Of course, we don't have that information. Neither, I suspect, does Mr Monbiot. And, in its absence, what have we got?

Putting it together, we have an unknown number of maize fields in Somerset. We know there is maize in Somerset - we have a photograph of harvesting at the top of this post, and the pesky farmers actually admit to growing 8,000 hectares.

But a lot of it is on level ground. You need heavy equipment to do the harvesting, and it is not easy to use on steep slopes. Much of it is grown in the southwest of the county, where the fields drain away from the Levels. 

Thus, there is, necessarily, a lesser acreage on the hills which form the catchment areas which do drain into the Levels - considerably less than 8,000 hectares. From an inspection of the area using Google street view, taking advantage of photography done at in the same period as the academic survey, we actually know that there are relatively few such fields. Most of the hills are wooded, an observation endorsed by Natural England, which records of the Mid-Somerset Hills: "Generally well-wooded on ridge tops".

Thus, we have an unknown number of maize fields, in unknown locations, with the amount on slopes draining into the levels also unknown, but very much less than 8,000 hectares. Then, purely on the assertion that 75 percent of sites on which late-harvested maize was grown were found to have degraded structures, this generating enhanced but unspecified levels of surface-water runoff, we are thus instructed that this was enough to "contribute" to the flooding of the 60,000 hectares of the Levels.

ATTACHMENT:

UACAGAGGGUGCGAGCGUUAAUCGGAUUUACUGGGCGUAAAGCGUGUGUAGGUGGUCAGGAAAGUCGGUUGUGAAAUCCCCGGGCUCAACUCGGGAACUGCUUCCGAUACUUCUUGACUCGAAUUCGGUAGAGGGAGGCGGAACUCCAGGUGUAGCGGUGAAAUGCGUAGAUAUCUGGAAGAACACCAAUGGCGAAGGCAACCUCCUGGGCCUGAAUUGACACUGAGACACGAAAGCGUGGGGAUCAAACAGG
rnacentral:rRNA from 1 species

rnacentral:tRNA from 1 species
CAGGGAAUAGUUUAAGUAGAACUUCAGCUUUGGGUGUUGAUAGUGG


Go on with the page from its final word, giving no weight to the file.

There we have it. In detail, though - despite the headline to his piece - even Mr Monbiot isn't actually claiming that run-off from harvested maize fields actually caused the flooding. Merely, it contributed to it. But a bucket of water thrown onto a road, then to drain to the Levels, could contribute to a flood.

Without quantification, without some idea of scale, the word is meaningless. With quantification, even if we took the whole Somerset production of maize, the 75 percent that contributed to the flooding is about 6,000 hectares. This is supposed to be responsible for flooding 60,000 hectares - ten times the area, in some places to a depth of ten feet or more. The notion is absurd.

Even then, in terms of actual hard evidence adduced by Mr Monbiot, all we actually have is a couple of photographs (one shown above) taken near the source of the Thames, neither showing maize fields, and neither of them in Somerset. Try as we might, we are not impressed. We'll just have to try harder in Part III, I suppose.